The La-Iin Series
“A Father’s Memories”
“ARGH! Woman down, woman down! I’ve been shot in the wing! I don’t think I can keep going! No, I must stay on my toes, for the sake of my family! Oh no! The cavernous abyss is right below me! I’m going to fall! HELP!”
“Mit-Sun can be so loud when she plays,” a woman sighed. Her husband, Beht-Soh, listened to his daughter as she began to play the part of police discovering the body of a Vampire woman.
“I think it’s great that she has such an active imagination,” he said. “That’s something neither of us have. I wonder who she got it from?”
“Well, I guess she is still a kid,” the woman sighed. “Still, it’s hard to listen to my own thoughts with how loud she is sometimes…”
Mit-Sun glanced over her shoulder at her parents, an indignant look on her face. “Why, would you rather I play some stupid lovey-dovey game? I don’t like those!”
“Neither of us were saying anything like that, Mit-Sun,” Beht-Soh said calmly. “You can keep playing as you were, don’t worry. Your mother and I were just talking about you.”
“It better not be anything bad!” She said, then went back to her game. The police seemed to be getting shot down, although Beht-Soh couldn’t tell what all the shrieks Mit-Sun made were meant to mean.
“I think the fact that she plays so loudly is a sign that she’s healthy,” Beht-Soh said. “And that’s a good thing. I want Mit-Sun to be healthy her whole life.”
“I do too.” His wife sighed. “But Beht-Soh, I’ve seen how you interact with her before. And with me, and with all your family, actually. Someday, someone might take advantage of that kindly nature of yours. And I fear you’ll spend far too much vuyong on Mit-Sun this way.”
“Oh, don’t worry, I won’t. All the dolls she has were very cheap. And I have you to balance me out, don’t I?”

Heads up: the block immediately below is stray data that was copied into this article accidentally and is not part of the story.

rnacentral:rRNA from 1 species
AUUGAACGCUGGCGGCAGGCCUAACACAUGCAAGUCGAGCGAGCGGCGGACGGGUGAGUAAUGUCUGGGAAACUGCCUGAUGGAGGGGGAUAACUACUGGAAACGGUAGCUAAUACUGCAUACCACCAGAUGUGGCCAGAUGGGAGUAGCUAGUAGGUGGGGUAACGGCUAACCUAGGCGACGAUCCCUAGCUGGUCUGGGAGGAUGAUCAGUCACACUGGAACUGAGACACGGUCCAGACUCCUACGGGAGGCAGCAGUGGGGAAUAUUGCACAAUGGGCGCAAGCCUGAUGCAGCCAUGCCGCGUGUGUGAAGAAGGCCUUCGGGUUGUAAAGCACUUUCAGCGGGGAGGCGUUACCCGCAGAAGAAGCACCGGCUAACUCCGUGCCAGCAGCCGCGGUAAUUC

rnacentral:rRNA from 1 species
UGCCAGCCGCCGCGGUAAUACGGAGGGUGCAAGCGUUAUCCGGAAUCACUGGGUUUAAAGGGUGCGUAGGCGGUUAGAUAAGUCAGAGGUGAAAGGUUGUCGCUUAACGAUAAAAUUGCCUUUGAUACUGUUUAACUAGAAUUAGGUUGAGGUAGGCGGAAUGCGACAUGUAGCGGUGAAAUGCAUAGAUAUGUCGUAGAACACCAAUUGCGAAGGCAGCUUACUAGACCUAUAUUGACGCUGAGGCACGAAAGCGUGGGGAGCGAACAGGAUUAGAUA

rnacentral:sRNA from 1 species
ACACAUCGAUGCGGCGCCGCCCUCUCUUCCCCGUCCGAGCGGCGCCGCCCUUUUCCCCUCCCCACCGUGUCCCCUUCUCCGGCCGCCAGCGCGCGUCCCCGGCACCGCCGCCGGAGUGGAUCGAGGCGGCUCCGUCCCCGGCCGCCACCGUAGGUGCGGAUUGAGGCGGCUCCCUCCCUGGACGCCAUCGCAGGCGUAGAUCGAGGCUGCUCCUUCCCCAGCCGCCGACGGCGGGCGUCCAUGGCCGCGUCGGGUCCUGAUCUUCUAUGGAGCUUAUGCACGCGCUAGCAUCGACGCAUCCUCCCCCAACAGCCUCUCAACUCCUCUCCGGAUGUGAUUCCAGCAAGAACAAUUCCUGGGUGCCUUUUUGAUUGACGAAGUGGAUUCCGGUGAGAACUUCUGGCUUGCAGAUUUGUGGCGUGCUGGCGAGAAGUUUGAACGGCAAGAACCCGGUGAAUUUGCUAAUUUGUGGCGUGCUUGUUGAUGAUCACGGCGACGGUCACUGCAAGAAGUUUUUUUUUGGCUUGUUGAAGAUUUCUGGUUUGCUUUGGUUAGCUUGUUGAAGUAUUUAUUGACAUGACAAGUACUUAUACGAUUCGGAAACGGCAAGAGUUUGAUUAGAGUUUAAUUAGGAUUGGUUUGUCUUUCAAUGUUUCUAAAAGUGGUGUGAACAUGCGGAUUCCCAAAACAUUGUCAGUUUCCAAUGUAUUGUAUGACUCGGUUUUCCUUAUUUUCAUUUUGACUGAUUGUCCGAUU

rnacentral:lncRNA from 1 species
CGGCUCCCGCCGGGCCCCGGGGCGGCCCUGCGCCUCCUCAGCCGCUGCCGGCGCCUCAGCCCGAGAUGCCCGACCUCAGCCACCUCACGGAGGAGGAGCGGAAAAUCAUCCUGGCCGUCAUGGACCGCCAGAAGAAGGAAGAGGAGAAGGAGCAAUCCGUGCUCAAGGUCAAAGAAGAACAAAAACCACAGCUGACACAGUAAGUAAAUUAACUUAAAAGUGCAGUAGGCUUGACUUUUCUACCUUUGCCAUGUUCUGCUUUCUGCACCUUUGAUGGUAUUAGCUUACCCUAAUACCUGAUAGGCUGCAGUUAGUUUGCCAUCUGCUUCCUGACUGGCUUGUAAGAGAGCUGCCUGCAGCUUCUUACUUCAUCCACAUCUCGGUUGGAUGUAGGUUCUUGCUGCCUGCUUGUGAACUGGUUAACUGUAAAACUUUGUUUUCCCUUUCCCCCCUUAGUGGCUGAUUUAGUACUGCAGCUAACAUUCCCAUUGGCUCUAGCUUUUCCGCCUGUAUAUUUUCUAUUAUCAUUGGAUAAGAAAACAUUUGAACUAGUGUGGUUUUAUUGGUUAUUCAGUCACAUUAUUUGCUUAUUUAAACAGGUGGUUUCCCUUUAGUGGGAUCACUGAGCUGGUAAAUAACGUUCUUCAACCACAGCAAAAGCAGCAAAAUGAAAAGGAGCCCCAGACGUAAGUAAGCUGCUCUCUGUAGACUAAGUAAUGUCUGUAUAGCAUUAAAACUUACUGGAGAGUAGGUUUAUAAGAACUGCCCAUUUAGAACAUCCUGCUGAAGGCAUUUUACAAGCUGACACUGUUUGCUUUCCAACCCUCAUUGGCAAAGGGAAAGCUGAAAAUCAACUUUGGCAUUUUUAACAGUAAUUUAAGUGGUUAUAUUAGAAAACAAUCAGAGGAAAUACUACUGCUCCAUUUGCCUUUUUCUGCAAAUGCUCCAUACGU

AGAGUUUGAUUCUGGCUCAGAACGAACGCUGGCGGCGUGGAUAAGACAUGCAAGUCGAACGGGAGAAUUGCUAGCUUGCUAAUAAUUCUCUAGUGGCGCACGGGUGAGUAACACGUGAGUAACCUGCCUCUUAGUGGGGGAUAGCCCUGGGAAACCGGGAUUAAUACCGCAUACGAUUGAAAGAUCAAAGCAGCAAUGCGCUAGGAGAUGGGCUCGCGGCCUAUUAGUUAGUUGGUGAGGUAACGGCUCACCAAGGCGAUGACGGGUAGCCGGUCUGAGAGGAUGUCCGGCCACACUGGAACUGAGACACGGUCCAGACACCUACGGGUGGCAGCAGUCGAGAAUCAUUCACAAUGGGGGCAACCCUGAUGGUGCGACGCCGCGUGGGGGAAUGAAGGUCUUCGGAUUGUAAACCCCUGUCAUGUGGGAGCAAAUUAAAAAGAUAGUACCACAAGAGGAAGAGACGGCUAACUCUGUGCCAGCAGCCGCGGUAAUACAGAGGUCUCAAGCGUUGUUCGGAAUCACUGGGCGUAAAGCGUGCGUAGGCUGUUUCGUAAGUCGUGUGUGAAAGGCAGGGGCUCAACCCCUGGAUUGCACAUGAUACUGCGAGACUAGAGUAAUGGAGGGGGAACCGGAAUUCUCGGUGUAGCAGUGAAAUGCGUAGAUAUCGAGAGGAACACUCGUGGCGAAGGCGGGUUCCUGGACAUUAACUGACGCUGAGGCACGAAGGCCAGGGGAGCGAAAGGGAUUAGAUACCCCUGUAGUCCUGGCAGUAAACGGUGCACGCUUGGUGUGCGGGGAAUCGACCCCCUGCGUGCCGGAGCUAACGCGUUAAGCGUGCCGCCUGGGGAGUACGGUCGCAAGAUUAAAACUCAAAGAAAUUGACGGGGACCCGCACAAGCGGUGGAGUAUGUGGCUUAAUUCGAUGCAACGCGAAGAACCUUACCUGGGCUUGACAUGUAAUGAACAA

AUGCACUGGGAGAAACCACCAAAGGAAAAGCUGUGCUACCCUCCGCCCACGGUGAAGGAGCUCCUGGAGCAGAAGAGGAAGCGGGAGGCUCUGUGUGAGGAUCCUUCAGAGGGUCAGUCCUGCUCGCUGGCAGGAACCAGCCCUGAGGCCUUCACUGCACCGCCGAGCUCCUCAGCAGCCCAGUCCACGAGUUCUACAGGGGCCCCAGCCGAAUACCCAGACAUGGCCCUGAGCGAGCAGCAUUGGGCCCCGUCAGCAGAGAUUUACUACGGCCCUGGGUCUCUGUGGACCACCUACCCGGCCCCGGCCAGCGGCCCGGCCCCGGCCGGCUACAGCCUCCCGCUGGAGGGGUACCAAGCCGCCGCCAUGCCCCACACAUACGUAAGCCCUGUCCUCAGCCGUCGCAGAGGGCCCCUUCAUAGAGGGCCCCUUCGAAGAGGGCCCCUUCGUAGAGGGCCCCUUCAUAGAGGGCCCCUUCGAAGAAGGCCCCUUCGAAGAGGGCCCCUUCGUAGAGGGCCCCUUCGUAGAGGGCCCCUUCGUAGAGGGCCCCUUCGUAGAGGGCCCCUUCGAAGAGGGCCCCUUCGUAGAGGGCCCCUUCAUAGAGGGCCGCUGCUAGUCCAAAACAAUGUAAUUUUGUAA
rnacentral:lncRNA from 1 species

“I suppose so…”
“And I know when to snap up and start acting more tough. But why should I bother around my family?”
“Because you have a daughter who loves toys and almost always wants a new one?” She sighed. “Oh, but know that I would never take advantage of you, Beht-Soh.”
“I know you wouldn’t, Ailie-Kenna,” Beht-Soh said. “And I won’t let myself be taken advantage of either.”
“All the wives and husbands are dead! Now it’s up to the children to care for themselves!” Mit-Sun cackled.
“Although, I wonder if we’ll ever get any grandchildren at the rate she’s going,” Beht-Soh said.
As Beht-Soh prepared for the day, memories of Mit-Sun’s childhood flooded his mind.
‘She acted a lot like how she describes La-Iin. I wonder if she plays the same at home. Though I don’t remember her being that shy around people she hadn’t met much before.’ A smile started on his lips as he thought, ‘Of course, she didn’t seem so shy last time I was over. I wonder if that was because Asul-Zenza was there as well? Or maybe because she’d already met me.’
“I swear, Beht-Soh, you spoil Mit-Sun! If she ends up a self-centered Daddy’s girl I’m blaming you.” Ailie-Kenna said.
“It’s okay, Papa. I’ve matured. You don’t need to buy this for me.” Mit-Sun said.
“Well, um…oh, how do I put this….today I found out you’re going to be a Grandpapa, Papa,” Mit-Sun said.
‘I really am glad she’s my daughter,’ he thought.
“Mit-Sun, you’re not playing with your toys?”
“Thank goodness for that,” Ailie-Kenna sighed.
“No, not right now,” Mit-Sun said simply. “I was thinking, maybe I shouldn’t play so loud. And maybe I shouldn’t play so much either. I have a lot of things to think about. Someday I’m going to be older, and then I won’t have as much time to play anyway. So I think if I get ready for that early, then playing now and later on will be even more fun.”
Both Beht-Soh and Ailie-Kenna blinked in surprise.
“I didn’t expect to hear you say that is all,” Beht-Soh said. “It was really profound, Mit-Sun.”
Mit-Sun’s cheeks flushed. “It was not. It’s just common sense.”
“Common sense is sorely lacking nowadays,” Ailie-Kenna said. “I’m glad to see my daughter has it.”
“I think even someone stupid would know that.”
“Well, a lot of people think the reverse way. Like you should keep playing because in the future you won’t get to do it as often!”
“I told you, Papa, I’m going to get ready for when I can’t play as much!” Mit-Sun snapped.
“Oh no, I wasn’t trying to tell you to do otherwise! I was just saying, a lot of people think differently. I think your idea is a good one, Mit-Sun. It might even make you efficient when it comes to doing serious things. Maybe you’ll pay bills faster than I do!”
“Is that even possible?” Ailie-Kenna asked.
“I don’t really pay bills all that fast,” Beht-Soh said.